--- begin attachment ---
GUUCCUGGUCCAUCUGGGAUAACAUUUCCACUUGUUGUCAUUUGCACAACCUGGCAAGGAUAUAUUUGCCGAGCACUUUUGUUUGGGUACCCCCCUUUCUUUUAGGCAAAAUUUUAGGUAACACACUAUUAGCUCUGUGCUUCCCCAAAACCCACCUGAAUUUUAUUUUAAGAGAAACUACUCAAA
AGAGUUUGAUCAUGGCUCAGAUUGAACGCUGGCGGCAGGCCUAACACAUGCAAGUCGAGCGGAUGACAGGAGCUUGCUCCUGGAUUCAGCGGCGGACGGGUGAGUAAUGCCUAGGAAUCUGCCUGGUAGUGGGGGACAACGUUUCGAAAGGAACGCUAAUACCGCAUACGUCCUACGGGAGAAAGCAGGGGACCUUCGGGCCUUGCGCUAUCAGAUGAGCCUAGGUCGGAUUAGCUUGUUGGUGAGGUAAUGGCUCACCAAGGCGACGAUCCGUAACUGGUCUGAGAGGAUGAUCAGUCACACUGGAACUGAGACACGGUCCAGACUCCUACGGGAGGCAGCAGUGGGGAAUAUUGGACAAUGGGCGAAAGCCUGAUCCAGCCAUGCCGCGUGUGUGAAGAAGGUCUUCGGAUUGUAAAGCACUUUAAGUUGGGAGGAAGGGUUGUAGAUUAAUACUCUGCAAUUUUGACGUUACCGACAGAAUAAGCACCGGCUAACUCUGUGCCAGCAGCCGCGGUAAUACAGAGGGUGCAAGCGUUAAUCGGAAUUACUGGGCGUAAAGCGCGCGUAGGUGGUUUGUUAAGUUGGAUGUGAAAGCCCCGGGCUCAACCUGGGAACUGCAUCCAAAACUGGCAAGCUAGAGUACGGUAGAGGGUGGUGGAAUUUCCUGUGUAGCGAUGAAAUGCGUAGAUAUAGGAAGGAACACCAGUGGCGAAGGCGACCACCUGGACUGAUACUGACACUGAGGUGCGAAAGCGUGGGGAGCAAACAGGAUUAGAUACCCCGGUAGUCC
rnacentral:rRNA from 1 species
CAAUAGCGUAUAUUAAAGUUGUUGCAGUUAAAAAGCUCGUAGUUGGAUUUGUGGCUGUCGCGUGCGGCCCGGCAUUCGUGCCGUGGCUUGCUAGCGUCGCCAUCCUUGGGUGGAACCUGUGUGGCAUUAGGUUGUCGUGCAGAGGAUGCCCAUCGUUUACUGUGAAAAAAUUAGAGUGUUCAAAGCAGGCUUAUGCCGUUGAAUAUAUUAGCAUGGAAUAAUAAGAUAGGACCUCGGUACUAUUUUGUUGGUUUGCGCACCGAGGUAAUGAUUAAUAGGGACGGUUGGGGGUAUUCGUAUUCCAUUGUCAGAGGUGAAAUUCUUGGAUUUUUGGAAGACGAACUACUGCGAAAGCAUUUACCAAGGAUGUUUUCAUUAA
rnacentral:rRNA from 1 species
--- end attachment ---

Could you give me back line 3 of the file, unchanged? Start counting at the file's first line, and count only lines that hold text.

rnacentral:rRNA from 1 species